Sunday, 20 May 2012

Drivers, Stop Your Engines!

Why is that driver idling his bus? It's not too cold or too hot, he's gone to the bathroom...and the bus is sitting there running. What gives?

Here is the City's Idling policy as I understand it. 

On hot days when temperatures exceed 25 degrees Celsius the following procedures are to be 
followed at lay-up points to avoid “starting up” problems with 1990 and newer buses. 
1. Should the waiting period not exceed 10 minutes, you should place the transmission in 
neutral apply the Maxi Brake and let the bus idle.  Do not shut it off. 
2. Should the waiting period exceed 10 minutes, place the transmission in neutral apply the 
Maxi Brake and let the bus idle for 3 minutes, then shut the engine down. 
3. Those buses equipped with the "fast idle" switch must have the switch turned to the "on" 
position when idling. 
Note: 1989 buses and older do not require the above procedures.  These can be shut 
down following one minute idling. 
On cold days when temperatures drop below –5 degrees Celsius, all buses are to be keep running 
to avoid start-up problems. 
If you have any concerns or questions on these procedures, contact Control.

This policy is the most misunderstood document in the history of OC Transpo. Many drivers I speak to have no idea that this policy does not apply between -5C and 25C. So, they idle their buses at 10C because their break is under 10 minutes. Waiting three minutes to shut your engines off (and the whole ten minute rule) applies only to temperatures above 25 degrees celsius. This is a precaution to avoid overheating a stopped engine that continues to produce radiant energy minutes after heavy duty use. Circulating coolant after heavy use is crucial to dissipate the stored energy of a hot engine block.

In most cases, the time between opening the front door to empty the bus and parking it would be into the three minute range, and would like suffice as a suitable cool-down period.

The myths about idling are surely outdated. Many drivers still subscribe to the logic that idling the bus consumes less fuel than restarting it, or that they are preserving the starter motor by not frequently engaging it. Hogwash. A bus could be shut down and restarted 15 times in a one minute period, and still use use less fuel than idling for that same minute. Long gone are the days of two-stroke Detroits, carburetors, and a priming pump to fill up the float bowls and dump a litre of fuel out the exhaust at each start. Todays engines are directly injected, using the same amount of fuel on the first combustion stroke as it does on the last.  An idling bus uses roughly one litre of fuel every fifteen minutes. So for every 30 minutes at Hurdman station, those 20 buses parked there idling have blown the equivalent of the fuel capacity of an average car. As far as the starter motor argument, that's just a little bit laughable. The electric starter motors on these buses will outlast the rest of the bus, and in some cases, their drivers. Electric motors are very, very durable.

Idling a bus is rarely a product of logic anyway. Can we be honest here? We idle our buses for comfort, nothing else. We are not talking about essential comfort either. We are talking about frivolous comfort. It's something that needs to stop. The air conditioner on a bus runs continuously when it is hot out and the bus is in service. That 8 minute layover will cause the bus to be warmer for your break, but it will not cause any extra fuel consumption when the bus is restarted. You are not driving an Energy Star R2000 home on wheels. There is no insulative  property to bus windows. The A/C will run non-stop until you shut the bus off. So let's can the argument that idling keeps the air conditioning costs down. Go sit at the picnic table, or head into the Taj MaHurdman for a cool drink. Save your taxes for other things, like severance packages.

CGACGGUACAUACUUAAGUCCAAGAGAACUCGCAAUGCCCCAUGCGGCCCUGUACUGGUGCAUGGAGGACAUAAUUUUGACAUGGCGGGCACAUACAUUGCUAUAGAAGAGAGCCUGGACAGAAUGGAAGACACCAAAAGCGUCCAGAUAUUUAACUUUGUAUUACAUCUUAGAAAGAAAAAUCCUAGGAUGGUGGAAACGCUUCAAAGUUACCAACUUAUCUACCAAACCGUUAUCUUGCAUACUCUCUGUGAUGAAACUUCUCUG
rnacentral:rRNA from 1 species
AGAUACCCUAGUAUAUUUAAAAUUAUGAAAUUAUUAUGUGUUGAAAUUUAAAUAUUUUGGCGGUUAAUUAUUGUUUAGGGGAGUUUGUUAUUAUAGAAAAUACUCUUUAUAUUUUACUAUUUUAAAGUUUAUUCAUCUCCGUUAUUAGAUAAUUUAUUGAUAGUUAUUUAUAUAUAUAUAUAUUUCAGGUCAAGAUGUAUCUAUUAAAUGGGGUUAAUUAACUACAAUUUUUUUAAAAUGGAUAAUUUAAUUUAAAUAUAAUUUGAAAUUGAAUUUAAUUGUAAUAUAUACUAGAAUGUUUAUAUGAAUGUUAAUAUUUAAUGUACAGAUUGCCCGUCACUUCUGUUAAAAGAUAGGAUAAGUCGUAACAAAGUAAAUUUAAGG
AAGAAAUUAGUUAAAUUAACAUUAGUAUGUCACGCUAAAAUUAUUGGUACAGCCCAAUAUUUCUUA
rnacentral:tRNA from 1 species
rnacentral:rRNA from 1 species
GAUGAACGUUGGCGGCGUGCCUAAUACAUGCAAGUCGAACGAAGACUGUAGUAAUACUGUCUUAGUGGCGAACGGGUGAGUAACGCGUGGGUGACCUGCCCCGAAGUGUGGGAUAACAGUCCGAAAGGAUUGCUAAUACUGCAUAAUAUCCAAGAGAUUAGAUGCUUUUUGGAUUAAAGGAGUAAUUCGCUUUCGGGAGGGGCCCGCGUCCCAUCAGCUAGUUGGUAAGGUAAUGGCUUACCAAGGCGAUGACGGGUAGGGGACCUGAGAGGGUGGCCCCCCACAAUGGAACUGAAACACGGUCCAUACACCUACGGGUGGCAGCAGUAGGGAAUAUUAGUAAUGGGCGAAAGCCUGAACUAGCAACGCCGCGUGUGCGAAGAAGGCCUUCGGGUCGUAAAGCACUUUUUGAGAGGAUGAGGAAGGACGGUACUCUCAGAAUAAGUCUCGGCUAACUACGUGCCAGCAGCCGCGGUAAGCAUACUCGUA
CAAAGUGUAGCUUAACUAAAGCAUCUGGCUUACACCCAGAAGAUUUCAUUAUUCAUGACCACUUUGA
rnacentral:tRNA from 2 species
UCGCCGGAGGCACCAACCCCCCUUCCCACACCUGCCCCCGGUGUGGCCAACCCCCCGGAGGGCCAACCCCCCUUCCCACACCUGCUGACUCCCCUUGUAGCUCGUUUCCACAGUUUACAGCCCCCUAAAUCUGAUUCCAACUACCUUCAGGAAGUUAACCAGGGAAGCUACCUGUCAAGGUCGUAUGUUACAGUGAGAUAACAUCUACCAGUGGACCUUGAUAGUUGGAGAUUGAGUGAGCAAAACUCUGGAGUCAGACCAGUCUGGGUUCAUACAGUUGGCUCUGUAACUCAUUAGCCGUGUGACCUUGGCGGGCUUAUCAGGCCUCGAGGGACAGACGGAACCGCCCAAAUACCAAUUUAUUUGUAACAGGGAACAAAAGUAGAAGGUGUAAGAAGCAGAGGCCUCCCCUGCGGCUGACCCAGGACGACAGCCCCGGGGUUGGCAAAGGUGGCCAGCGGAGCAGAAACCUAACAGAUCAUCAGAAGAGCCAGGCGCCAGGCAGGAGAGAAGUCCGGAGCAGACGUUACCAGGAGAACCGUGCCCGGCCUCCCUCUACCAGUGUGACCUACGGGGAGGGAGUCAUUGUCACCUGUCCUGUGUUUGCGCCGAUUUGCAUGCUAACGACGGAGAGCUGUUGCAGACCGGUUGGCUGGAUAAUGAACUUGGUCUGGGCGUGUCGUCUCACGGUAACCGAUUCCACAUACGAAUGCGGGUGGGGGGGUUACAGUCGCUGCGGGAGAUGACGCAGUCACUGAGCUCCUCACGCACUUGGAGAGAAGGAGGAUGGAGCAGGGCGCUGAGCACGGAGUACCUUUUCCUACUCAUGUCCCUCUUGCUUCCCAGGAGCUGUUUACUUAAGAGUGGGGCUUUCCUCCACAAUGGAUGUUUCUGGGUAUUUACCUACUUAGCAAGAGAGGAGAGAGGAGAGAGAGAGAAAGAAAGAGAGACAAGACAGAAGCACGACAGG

Idling in the cold is a misfire on the city policy, in my opinion. There needs to be driver discretion here, as being cold should not part of a job description, but a policy rule on -5 is setting the bar a little low. There is not a bus in the fleet that couldn't handle a shutdown and restart within a 15 minute period in -20C, let alone -5C. Drivers should be encouraged to shut their buses down at every opportunity. If a driver has the common sense to shut down when it's -10C outside, realizing that he will not freeze to death in the 6 minutes he has between runs... so be it! The policy states that I'm not allowed to shut down at -6C. But then again, I'm a renegade.

I wish all new buses were equipped with onboard fuel monitoring equipment accessible to the driver. Nothing changes behaviours  like the absence of ignorance. In my post titled "How Do We Change", I suggested introducing competition in the workplace, Imagine competing for a fuel efficiency award based on real data accessible on the dashboard of your bus?

Drivers, we all love the changes at OC Transpo these days. After a few years of kick, kick, kick... it feels like we are all part of the company again. The changes made have been welcomed by all, and the New Guy seems to be on our side on many things that matter to us. If you like that relationship, if you want to make this company a great place to work, if you want to help this company's image and yours... then give a little back.

All I'm asking for is one litre of diesel every fifteen minutes. Just the simple silence that accompanies a twist of the wrist. Not too much to ask really, but it would save millions.

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